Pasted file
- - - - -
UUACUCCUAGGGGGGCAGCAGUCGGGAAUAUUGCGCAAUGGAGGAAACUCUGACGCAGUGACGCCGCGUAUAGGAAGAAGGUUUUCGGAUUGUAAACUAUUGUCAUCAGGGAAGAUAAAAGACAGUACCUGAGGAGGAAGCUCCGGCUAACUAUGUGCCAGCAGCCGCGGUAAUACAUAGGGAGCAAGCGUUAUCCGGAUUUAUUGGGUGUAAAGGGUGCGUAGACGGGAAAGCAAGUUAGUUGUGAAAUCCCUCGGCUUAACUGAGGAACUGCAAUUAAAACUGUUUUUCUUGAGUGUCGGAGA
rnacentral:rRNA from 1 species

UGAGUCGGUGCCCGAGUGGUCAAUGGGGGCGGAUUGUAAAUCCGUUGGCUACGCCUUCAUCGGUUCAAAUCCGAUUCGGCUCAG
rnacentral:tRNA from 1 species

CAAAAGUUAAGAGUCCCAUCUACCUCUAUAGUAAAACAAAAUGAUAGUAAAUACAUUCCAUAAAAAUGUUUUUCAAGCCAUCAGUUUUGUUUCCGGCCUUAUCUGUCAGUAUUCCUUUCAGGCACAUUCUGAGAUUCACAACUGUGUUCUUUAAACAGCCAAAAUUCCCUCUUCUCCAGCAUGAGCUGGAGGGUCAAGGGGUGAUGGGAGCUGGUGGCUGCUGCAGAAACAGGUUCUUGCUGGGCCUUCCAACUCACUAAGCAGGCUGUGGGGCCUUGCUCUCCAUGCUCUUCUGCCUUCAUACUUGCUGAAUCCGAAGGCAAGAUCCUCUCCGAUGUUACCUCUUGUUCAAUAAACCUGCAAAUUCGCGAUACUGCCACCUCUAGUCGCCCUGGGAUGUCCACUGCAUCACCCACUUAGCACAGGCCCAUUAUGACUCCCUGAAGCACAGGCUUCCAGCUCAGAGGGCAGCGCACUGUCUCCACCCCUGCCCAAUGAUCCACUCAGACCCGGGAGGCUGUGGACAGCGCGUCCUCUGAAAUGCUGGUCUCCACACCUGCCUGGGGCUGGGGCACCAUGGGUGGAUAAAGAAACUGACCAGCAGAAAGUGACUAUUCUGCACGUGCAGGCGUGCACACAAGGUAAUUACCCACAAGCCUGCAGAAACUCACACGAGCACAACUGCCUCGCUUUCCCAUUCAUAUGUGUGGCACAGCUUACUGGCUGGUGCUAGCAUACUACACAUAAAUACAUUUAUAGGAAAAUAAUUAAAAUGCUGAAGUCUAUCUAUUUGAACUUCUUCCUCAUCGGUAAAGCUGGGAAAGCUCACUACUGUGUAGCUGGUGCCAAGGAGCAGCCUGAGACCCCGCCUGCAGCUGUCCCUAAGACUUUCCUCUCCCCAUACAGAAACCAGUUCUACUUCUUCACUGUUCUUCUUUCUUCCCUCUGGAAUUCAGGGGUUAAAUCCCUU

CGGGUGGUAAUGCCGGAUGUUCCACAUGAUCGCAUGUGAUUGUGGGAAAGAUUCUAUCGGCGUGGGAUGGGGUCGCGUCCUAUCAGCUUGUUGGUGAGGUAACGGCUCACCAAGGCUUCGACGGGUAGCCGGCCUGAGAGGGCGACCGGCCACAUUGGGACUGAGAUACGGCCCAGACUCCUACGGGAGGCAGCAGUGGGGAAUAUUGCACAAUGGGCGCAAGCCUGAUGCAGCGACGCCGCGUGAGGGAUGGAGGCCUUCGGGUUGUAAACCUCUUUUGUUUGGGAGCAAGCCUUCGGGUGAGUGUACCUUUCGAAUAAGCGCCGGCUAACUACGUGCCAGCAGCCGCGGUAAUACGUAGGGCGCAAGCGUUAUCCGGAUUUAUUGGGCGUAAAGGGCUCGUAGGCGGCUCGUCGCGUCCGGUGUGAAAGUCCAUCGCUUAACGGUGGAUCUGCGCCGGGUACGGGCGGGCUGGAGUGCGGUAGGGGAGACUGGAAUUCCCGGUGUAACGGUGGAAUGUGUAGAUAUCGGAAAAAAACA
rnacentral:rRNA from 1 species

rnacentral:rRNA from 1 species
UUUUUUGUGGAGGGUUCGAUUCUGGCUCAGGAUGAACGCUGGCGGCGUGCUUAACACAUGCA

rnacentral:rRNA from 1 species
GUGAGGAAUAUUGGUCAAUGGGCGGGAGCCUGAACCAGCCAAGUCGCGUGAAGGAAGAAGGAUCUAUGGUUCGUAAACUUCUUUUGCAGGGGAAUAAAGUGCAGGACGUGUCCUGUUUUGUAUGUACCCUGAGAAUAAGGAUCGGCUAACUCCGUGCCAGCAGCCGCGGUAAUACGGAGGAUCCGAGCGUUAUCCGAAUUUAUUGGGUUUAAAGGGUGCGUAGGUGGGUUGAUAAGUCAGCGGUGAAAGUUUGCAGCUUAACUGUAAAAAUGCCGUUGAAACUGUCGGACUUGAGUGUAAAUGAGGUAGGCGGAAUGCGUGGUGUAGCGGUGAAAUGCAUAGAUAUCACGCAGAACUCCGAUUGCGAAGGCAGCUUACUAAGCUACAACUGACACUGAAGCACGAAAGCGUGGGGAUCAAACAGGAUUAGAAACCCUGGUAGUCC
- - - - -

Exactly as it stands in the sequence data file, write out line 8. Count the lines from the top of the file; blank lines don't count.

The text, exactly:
rnacentral:rRNA from 1 species